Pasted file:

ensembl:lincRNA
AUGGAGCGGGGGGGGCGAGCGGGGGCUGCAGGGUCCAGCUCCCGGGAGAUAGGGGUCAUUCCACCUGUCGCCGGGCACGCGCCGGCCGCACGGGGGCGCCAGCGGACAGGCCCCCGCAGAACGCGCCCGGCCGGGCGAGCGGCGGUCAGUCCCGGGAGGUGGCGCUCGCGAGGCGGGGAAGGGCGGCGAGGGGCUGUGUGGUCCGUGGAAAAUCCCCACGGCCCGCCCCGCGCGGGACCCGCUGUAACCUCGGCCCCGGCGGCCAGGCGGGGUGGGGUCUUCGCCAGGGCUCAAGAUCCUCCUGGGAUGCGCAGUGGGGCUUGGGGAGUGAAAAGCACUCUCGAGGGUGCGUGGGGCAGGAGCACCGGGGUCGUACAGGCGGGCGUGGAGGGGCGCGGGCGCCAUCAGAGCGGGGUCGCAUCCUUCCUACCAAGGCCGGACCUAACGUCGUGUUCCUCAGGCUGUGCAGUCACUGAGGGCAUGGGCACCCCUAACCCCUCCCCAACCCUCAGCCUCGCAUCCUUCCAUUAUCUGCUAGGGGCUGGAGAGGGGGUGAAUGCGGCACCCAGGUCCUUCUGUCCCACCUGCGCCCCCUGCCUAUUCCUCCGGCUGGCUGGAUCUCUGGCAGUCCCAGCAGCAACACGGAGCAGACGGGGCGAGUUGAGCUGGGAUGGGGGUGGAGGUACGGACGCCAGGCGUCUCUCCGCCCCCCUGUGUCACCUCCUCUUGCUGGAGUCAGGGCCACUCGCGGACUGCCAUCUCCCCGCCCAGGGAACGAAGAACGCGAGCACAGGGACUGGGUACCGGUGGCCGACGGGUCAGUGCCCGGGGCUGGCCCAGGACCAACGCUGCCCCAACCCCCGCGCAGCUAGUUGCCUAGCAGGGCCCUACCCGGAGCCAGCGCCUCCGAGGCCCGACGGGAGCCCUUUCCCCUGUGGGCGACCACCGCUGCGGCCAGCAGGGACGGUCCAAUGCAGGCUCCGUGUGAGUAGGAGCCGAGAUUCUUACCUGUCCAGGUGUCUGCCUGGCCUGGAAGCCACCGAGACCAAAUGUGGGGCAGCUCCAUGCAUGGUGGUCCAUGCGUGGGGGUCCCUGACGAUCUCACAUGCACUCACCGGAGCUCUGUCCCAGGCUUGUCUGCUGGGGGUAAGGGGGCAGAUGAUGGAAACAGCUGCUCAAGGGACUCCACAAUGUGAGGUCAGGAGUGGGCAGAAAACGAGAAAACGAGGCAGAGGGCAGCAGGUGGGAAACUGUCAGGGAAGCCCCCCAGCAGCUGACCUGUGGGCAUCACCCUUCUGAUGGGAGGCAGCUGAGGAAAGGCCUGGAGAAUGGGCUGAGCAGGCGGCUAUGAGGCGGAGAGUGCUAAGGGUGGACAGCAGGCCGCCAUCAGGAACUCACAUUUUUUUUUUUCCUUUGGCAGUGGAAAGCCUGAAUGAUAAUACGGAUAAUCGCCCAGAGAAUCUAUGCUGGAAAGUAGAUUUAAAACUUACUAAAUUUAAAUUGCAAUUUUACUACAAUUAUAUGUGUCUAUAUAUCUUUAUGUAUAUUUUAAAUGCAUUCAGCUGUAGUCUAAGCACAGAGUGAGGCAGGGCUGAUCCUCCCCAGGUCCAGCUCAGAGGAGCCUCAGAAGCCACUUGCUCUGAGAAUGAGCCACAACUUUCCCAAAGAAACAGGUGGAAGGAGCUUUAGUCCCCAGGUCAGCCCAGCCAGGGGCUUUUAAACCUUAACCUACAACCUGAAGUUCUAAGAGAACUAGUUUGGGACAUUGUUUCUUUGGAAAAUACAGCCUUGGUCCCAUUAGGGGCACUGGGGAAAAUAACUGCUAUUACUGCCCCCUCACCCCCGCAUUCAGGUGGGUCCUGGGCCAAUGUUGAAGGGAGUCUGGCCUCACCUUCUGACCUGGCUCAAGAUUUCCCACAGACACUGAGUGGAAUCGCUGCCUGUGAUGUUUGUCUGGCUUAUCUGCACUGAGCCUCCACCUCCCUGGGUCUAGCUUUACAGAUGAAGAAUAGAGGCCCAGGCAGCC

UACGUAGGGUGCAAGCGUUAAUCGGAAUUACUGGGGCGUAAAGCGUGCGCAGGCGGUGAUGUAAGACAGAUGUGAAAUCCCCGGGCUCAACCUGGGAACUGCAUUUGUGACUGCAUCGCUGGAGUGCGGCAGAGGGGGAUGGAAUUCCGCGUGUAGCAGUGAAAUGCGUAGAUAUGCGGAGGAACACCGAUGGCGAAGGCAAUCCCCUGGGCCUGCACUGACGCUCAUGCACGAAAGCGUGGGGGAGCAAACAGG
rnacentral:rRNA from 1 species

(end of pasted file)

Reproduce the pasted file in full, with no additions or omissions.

ensembl:lincRNA
AUGGAGCGGGGGGGGCGAGCGGGGGCUGCAGGGUCCAGCUCCCGGGAGAUAGGGGUCAUUCCACCUGUCGCCGGGCACGCGCCGGCCGCACGGGGGCGCCAGCGGACAGGCCCCCGCAGAACGCGCCCGGCCGGGCGAGCGGCGGUCAGUCCCGGGAGGUGGCGCUCGCGAGGCGGGGAAGGGCGGCGAGGGGCUGUGUGGUCCGUGGAAAAUCCCCACGGCCCGCCCCGCGCGGGACCCGCUGUAACCUCGGCCCCGGCGGCCAGGCGGGGUGGGGUCUUCGCCAGGGCUCAAGAUCCUCCUGGGAUGCGCAGUGGGGCUUGGGGAGUGAAAAGCACUCUCGAGGGUGCGUGGGGCAGGAGCACCGGGGUCGUACAGGCGGGCGUGGAGGGGCGCGGGCGCCAUCAGAGCGGGGUCGCAUCCUUCCUACCAAGGCCGGACCUAACGUCGUGUUCCUCAGGCUGUGCAGUCACUGAGGGCAUGGGCACCCCUAACCCCUCCCCAACCCUCAGCCUCGCAUCCUUCCAUUAUCUGCUAGGGGCUGGAGAGGGGGUGAAUGCGGCACCCAGGUCCUUCUGUCCCACCUGCGCCCCCUGCCUAUUCCUCCGGCUGGCUGGAUCUCUGGCAGUCCCAGCAGCAACACGGAGCAGACGGGGCGAGUUGAGCUGGGAUGGGGGUGGAGGUACGGACGCCAGGCGUCUCUCCGCCCCCCUGUGUCACCUCCUCUUGCUGGAGUCAGGGCCACUCGCGGACUGCCAUCUCCCCGCCCAGGGAACGAAGAACGCGAGCACAGGGACUGGGUACCGGUGGCCGACGGGUCAGUGCCCGGGGCUGGCCCAGGACCAACGCUGCCCCAACCCCCGCGCAGCUAGUUGCCUAGCAGGGCCCUACCCGGAGCCAGCGCCUCCGAGGCCCGACGGGAGCCCUUUCCCCUGUGGGCGACCACCGCUGCGGCCAGCAGGGACGGUCCAAUGCAGGCUCCGUGUGAGUAGGAGCCGAGAUUCUUACCUGUCCAGGUGUCUGCCUGGCCUGGAAGCCACCGAGACCAAAUGUGGGGCAGCUCCAUGCAUGGUGGUCCAUGCGUGGGGGUCCCUGACGAUCUCACAUGCACUCACCGGAGCUCUGUCCCAGGCUUGUCUGCUGGGGGUAAGGGGGCAGAUGAUGGAAACAGCUGCUCAAGGGACUCCACAAUGUGAGGUCAGGAGUGGGCAGAAAACGAGAAAACGAGGCAGAGGGCAGCAGGUGGGAAACUGUCAGGGAAGCCCCCCAGCAGCUGACCUGUGGGCAUCACCCUUCUGAUGGGAGGCAGCUGAGGAAAGGCCUGGAGAAUGGGCUGAGCAGGCGGCUAUGAGGCGGAGAGUGCUAAGGGUGGACAGCAGGCCGCCAUCAGGAACUCACAUUUUUUUUUUUCCUUUGGCAGUGGAAAGCCUGAAUGAUAAUACGGAUAAUCGCCCAGAGAAUCUAUGCUGGAAAGUAGAUUUAAAACUUACUAAAUUUAAAUUGCAAUUUUACUACAAUUAUAUGUGUCUAUAUAUCUUUAUGUAUAUUUUAAAUGCAUUCAGCUGUAGUCUAAGCACAGAGUGAGGCAGGGCUGAUCCUCCCCAGGUCCAGCUCAGAGGAGCCUCAGAAGCCACUUGCUCUGAGAAUGAGCCACAACUUUCCCAAAGAAACAGGUGGAAGGAGCUUUAGUCCCCAGGUCAGCCCAGCCAGGGGCUUUUAAACCUUAACCUACAACCUGAAGUUCUAAGAGAACUAGUUUGGGACAUUGUUUCUUUGGAAAAUACAGCCUUGGUCCCAUUAGGGGCACUGGGGAAAAUAACUGCUAUUACUGCCCCCUCACCCCCGCAUUCAGGUGGGUCCUGGGCCAAUGUUGAAGGGAGUCUGGCCUCACCUUCUGACCUGGCUCAAGAUUUCCCACAGACACUGAGUGGAAUCGCUGCCUGUGAUGUUUGUCUGGCUUAUCUGCACUGAGCCUCCACCUCCCUGGGUCUAGCUUUACAGAUGAAGAAUAGAGGCCCAGGCAGCC

UACGUAGGGUGCAAGCGUUAAUCGGAAUUACUGGGGCGUAAAGCGUGCGCAGGCGGUGAUGUAAGACAGAUGUGAAAUCCCCGGGCUCAACCUGGGAACUGCAUUUGUGACUGCAUCGCUGGAGUGCGGCAGAGGGGGAUGGAAUUCCGCGUGUAGCAGUGAAAUGCGUAGAUAUGCGGAGGAACACCGAUGGCGAAGGCAAUCCCCUGGGCCUGCACUGACGCUCAUGCACGAAAGCGUGGGGGAGCAAACAGG
rnacentral:rRNA from 1 species